The Grindeanu government, before adopting those amnesty decrees (objects of much whining to the “young, handsome, and free”) which, contrary to what one reads here and there in the controlled press

  1. were by no means its first measure (see below),
  2. do not “legalize corruption” and do not exonerate all acts of corruption (they only institute a threshold of roughly 40,000€, and it seems, in particular, that the charges held against L. Dragnea are not covered by the amnesty) and
  3. were absolutely necessary – since the PSD would be completely unable to govern with the gun of the National Anti-Corruption Directorate (entirely following orders of its Western sponsors) pointed at their collective head,

the Grindeanu government, during the ten days that separated its recent inauguration from the passing of said decrees, did not rest. During this period of just over a week, it has taken significant measures, including:

  1. raising the level of the minimum wage and retirement benefits, thereby nullifying the austerity measures adopted by the governments of the Băsescu presidency (notably the Boc government) under the diktats of the IMF, Berlin, and Brussels; and
  2. announcing a tax exemption for wages of less than € 500 (yes: a month ago in Romania, an EU member state, many employees still paid taxes on wages of € 300 in cities where the rent of a room in a shared flat rarely costs less than 100 € – food prices in supermarkets being roughly at Hungarian levels, i.e. not far from those in Austria).

Not only do these two measures “set a bad example” for all southern and eastern European countries feeling the temptation to shake off the yoke of German ordo-liberalism and to turn to growth policies, but they directly affect the German capital. Germany (i.e. the Bavarian capital and its Austrian auxiliaries) has recently become the main external investor in Romania, followed by France, while the United States (still very present in the early 2000s) seemed, from the presidency of Obama and his Asia Pivot, to be passing the button. The high profitability of these investments (Romanian companies generally presenting a double rate of profit compared to the euro zone average) is mainly based on the unrestrained exploitation of a slave labor force (with a minimum wage precisely calculated in such a way as to allow the miserable survival of an individual without a family and with no rent to pay – the Romanians being, as most Eastern Europeans, usually owners of an apartment in poor condition redeemed from the state at the beginning of the 1990s), resulting in very low social and geographical mobility, an unprecedented demographic decline and the highest emigration rate of non-African countries in the world (higher than that of Syria – including the war period!).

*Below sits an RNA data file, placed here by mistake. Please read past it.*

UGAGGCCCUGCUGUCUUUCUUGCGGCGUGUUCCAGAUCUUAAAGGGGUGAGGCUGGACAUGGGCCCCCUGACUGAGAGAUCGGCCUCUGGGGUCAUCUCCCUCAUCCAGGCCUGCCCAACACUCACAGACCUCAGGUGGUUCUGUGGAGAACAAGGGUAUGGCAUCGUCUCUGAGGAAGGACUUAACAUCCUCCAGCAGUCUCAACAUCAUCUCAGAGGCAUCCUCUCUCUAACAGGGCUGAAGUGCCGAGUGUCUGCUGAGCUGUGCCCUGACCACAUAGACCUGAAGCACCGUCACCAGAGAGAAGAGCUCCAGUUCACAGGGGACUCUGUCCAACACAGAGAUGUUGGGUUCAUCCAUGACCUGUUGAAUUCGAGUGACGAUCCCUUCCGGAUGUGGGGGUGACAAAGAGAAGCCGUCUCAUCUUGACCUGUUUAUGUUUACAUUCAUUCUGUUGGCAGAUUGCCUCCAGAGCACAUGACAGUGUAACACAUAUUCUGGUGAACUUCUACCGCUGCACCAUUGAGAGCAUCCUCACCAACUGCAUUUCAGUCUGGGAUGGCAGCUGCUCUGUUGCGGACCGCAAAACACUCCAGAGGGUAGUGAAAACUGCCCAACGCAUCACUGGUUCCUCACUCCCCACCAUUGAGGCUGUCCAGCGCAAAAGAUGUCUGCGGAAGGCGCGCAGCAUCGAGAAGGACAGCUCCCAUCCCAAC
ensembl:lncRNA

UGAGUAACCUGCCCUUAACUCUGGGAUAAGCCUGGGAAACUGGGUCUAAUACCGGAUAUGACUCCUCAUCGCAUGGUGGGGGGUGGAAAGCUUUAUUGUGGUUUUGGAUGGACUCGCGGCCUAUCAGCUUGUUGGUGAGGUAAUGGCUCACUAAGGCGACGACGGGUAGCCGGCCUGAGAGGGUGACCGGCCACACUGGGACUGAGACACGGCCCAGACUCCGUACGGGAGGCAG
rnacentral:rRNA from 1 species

So far, however, I think it would have stayed in the field of the negotiable: some tax gifts to the big German “investors” (like E.on Ruhrgas, who took control of the former state gas monopoly in Transylvania, charging German gas prices to the population for the gas it buys cheap… from Russia), and Munich would have calmed down, leaving as always the small fish and the French investors to pay the expenses of the new policy (the French, however, very present in retail, would not complain too loudly about Grindeanu seeking to add steroids to the purchasing power of the Romanian middle class …).

But here’s the thing: the odious PSD government also plans to create: